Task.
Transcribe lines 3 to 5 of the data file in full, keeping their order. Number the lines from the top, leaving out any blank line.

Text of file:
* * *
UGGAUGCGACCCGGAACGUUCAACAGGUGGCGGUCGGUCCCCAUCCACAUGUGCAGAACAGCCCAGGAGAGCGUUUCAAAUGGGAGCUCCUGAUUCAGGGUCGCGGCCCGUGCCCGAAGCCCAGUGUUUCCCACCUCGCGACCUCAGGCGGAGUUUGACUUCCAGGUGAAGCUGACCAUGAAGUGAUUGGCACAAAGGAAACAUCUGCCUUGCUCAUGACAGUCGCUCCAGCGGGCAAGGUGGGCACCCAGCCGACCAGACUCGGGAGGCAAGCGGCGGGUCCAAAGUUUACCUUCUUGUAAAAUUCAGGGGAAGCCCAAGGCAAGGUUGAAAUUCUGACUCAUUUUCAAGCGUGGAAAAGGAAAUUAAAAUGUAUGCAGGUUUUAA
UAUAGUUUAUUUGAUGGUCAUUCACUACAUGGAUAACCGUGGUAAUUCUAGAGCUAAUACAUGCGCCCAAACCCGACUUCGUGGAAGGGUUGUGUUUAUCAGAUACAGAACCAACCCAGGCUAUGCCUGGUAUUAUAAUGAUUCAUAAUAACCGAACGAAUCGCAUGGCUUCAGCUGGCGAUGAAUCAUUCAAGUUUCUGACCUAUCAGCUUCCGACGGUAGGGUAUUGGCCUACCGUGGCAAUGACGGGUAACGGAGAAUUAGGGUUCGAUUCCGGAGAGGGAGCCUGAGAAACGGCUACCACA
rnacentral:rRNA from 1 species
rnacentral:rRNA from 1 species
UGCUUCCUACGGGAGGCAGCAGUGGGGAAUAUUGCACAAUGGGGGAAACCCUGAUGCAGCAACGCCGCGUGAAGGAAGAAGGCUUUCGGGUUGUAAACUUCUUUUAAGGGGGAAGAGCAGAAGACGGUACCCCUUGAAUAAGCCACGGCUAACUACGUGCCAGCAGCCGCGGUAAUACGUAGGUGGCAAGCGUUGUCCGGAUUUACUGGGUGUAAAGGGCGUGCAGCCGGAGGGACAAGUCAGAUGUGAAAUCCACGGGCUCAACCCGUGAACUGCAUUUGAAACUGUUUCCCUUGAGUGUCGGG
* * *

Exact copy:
rnacentral:rRNA from 1 species
rnacentral:rRNA from 1 species
UGCUUCCUACGGGAGGCAGCAGUGGGGAAUAUUGCACAAUGGGGGAAACCCUGAUGCAGCAACGCCGCGUGAAGGAAGAAGGCUUUCGGGUUGUAAACUUCUUUUAAGGGGGAAGAGCAGAAGACGGUACCCCUUGAAUAAGCCACGGCUAACUACGUGCCAGCAGCCGCGGUAAUACGUAGGUGGCAAGCGUUGUCCGGAUUUACUGGGUGUAAAGGGCGUGCAGCCGGAGGGACAAGUCAGAUGUGAAAUCCACGGGCUCAACCCGUGAACUGCAUUUGAAACUGUUUCCCUUGAGUGUCGGG